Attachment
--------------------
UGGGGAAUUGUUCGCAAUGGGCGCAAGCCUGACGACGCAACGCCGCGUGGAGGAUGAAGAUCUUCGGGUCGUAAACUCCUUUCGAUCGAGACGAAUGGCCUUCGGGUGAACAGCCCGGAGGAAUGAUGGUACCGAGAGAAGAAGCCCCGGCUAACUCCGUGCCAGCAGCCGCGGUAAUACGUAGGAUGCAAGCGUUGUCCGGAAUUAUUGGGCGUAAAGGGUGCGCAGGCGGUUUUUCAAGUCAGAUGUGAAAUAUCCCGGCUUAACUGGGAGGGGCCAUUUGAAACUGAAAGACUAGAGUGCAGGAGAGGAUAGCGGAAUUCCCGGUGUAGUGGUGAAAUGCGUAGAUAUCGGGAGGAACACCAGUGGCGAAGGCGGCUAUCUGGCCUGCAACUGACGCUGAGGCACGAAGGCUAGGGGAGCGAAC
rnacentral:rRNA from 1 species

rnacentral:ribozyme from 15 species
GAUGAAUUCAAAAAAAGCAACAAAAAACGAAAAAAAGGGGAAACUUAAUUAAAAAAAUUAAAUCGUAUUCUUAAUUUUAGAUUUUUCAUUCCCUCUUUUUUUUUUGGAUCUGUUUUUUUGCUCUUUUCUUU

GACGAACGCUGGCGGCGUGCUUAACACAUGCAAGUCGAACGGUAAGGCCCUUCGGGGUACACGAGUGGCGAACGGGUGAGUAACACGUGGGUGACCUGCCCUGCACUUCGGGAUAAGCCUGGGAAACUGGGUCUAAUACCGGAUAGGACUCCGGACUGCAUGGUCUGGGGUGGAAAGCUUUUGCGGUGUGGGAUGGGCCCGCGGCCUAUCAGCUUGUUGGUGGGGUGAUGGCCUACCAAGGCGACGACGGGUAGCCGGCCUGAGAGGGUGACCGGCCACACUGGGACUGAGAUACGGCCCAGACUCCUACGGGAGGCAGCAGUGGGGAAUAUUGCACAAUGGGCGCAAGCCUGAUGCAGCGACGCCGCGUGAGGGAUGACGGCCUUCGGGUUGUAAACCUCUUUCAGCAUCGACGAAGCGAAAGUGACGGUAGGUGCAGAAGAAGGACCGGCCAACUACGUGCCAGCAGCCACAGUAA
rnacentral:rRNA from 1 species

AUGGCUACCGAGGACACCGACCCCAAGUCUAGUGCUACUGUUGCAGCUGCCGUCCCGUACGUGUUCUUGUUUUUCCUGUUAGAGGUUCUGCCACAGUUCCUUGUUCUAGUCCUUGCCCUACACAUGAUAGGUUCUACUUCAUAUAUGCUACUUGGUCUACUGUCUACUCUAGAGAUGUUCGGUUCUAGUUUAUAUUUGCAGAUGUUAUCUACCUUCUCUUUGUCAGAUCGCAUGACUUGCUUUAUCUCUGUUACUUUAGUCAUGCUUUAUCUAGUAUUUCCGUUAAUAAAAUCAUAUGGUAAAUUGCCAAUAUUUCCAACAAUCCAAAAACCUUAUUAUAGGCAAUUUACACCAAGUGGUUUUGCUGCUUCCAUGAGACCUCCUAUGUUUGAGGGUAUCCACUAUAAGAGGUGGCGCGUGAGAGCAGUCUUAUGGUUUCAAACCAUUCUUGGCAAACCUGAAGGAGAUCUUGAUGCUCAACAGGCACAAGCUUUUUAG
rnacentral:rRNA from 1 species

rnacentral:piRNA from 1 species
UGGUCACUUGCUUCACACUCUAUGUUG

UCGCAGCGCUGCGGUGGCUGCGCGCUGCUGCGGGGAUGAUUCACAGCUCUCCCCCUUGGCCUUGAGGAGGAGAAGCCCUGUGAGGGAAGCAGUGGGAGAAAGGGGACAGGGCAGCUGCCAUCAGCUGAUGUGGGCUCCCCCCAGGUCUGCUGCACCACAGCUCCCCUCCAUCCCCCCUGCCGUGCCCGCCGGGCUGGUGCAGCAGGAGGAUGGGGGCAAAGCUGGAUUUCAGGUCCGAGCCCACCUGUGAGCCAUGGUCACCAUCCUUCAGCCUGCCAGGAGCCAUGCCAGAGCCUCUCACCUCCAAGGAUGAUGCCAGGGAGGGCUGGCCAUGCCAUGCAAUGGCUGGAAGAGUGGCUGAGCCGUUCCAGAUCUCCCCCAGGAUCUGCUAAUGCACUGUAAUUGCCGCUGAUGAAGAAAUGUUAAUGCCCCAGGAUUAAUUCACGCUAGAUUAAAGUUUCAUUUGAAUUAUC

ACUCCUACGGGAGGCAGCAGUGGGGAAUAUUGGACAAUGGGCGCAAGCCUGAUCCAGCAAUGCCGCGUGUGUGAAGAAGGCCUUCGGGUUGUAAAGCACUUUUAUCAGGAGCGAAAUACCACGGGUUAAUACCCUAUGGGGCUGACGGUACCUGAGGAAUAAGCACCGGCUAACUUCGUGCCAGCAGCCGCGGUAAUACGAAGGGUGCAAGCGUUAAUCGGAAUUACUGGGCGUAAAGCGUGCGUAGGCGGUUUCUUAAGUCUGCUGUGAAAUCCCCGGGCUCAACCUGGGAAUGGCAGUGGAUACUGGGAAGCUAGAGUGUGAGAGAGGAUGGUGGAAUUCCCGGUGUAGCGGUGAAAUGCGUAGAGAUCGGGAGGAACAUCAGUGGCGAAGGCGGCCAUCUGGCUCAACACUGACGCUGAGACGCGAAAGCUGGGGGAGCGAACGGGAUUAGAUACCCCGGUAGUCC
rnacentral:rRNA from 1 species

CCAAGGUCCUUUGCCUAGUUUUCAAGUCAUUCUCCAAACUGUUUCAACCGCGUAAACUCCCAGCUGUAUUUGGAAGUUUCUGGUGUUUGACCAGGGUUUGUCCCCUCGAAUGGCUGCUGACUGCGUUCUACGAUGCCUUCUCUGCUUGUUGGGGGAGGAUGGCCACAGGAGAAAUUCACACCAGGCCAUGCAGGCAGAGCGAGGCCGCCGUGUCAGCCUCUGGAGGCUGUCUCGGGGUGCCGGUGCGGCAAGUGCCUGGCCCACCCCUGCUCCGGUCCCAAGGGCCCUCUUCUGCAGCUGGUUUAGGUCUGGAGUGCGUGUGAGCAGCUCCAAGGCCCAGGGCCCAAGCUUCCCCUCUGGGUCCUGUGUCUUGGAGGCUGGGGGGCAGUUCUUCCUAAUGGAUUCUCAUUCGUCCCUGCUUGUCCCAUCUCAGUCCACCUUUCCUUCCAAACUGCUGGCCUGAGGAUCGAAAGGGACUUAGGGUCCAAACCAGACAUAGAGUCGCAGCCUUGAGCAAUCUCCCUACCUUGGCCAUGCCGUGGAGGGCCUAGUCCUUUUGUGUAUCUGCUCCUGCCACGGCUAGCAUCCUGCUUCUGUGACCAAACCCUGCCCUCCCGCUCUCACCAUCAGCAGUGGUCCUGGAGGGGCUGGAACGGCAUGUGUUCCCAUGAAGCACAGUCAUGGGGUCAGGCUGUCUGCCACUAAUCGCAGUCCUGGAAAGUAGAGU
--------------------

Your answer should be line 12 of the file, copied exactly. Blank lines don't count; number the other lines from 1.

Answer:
ACUCCUACGGGAGGCAGCAGUGGGGAAUAUUGGACAAUGGGCGCAAGCCUGAUCCAGCAAUGCCGCGUGUGUGAAGAAGGCCUUCGGGUUGUAAAGCACUUUUAUCAGGAGCGAAAUACCACGGGUUAAUACCCUAUGGGGCUGACGGUACCUGAGGAAUAAGCACCGGCUAACUUCGUGCCAGCAGCCGCGGUAAUACGAAGGGUGCAAGCGUUAAUCGGAAUUACUGGGCGUAAAGCGUGCGUAGGCGGUUUCUUAAGUCUGCUGUGAAAUCCCCGGGCUCAACCUGGGAAUGGCAGUGGAUACUGGGAAGCUAGAGUGUGAGAGAGGAUGGUGGAAUUCCCGGUGUAGCGGUGAAAUGCGUAGAGAUCGGGAGGAACAUCAGUGGCGAAGGCGGCCAUCUGGCUCAACACUGACGCUGAGACGCGAAAGCUGGGGGAGCGAACGGGAUUAGAUACCCCGGUAGUCC